Charles Grandison Finney
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Lectures on Systematic Theology (1878)Edit
- Repentance ... implies a conviction, that God is wholly right, and the sinner wholly wrong, and a thorough and hearty abandonment of all excuses and apologies for sin. It implies an entire and universal acquittal of God from every shade and degree of blame, a thorough taking of the entire blame of sin to self. It implies a deep and thorough abasement of self in the dust, a crying out of soul against self, and a most sincere and universal, intellectual, and hearty exaltation of God.
- "Repentance and Impenitence" p. 365
- Self-loathing is a natural and a necessary consequence of those intellectual views of self that are implied in repentance.
- "Repentance and Impenitence" p. 366
- Impenitence is a phenomenon of the will, and consists in the will's cleaving to self-indulgence under light. It consists in the will's pertinacious adherence to the gratification of self, in despite of all the light with which the sinner is surrounded. It is not, as has been said, a passive state nor a mere negation, nor the love of sin for its own sake; but it is an active and obstinate state of the will, a determined holding on to that course of self-seeking which constitutes sin, not from a love to sin, but for the sake of the gratification.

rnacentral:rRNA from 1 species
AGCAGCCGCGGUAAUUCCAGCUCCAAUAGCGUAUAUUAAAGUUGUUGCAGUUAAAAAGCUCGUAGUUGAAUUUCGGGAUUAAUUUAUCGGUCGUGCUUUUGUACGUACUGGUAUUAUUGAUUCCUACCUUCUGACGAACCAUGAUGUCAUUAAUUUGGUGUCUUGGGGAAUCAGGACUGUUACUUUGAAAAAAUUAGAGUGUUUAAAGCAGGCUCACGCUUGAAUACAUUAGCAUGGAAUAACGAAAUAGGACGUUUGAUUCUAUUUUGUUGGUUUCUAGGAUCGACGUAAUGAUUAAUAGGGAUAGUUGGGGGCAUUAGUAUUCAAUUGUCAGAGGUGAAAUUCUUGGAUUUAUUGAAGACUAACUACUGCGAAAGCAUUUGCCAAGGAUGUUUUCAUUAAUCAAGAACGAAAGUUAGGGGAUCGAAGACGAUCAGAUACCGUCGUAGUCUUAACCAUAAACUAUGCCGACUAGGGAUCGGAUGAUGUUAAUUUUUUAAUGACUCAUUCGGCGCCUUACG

- "Repentance and Impenitence" p. 368
- When the claims of God are revealed to the mind, it must necessarily yield to them, or strengthen itself in sin. It must, as it were, gird itself up, and struggle to resist the claims of duty. This strengthening self in sin under light is the particular form of sin which we call impenitence.
- "Repentance and Impenitence" p. 369